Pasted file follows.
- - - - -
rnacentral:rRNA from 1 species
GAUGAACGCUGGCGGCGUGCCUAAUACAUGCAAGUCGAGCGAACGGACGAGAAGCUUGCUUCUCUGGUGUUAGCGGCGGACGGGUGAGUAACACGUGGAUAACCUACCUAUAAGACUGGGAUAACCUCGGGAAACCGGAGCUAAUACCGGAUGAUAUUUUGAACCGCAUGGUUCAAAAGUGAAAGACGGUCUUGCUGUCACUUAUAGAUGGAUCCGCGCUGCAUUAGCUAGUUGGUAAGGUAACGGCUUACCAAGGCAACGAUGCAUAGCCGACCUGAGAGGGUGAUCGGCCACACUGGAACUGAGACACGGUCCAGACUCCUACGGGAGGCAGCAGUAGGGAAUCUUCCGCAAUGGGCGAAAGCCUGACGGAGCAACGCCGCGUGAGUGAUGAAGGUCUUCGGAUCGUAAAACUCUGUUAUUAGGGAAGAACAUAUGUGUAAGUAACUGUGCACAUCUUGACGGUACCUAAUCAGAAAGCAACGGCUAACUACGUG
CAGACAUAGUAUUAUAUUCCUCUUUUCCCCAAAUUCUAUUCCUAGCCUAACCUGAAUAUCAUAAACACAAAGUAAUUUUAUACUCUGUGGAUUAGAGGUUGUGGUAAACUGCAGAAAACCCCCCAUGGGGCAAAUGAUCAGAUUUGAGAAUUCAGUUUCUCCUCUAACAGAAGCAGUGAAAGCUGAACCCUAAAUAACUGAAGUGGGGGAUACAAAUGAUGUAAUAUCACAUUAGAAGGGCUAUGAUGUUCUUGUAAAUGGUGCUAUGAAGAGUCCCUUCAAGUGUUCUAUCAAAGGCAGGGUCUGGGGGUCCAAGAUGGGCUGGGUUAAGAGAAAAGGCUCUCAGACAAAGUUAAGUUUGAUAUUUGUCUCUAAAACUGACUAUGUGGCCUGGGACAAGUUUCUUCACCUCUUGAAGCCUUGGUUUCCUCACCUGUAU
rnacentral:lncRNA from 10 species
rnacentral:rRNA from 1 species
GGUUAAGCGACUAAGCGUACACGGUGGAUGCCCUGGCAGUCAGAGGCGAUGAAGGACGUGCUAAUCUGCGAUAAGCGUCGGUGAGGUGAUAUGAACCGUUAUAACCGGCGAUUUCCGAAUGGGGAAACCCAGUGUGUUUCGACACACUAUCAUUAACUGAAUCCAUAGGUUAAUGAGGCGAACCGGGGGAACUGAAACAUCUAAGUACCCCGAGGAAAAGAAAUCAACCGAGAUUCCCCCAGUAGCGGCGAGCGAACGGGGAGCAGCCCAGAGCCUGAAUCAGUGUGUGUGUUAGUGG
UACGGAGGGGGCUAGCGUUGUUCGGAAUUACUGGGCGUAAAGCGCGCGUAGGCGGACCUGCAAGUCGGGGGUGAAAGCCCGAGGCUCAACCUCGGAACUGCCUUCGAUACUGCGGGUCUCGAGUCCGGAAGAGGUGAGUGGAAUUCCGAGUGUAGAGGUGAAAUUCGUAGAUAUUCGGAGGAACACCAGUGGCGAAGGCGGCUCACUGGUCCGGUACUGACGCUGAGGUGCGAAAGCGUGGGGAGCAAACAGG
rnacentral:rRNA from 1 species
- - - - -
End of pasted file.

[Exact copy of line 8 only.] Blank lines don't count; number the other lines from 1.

rnacentral:rRNA from 1 species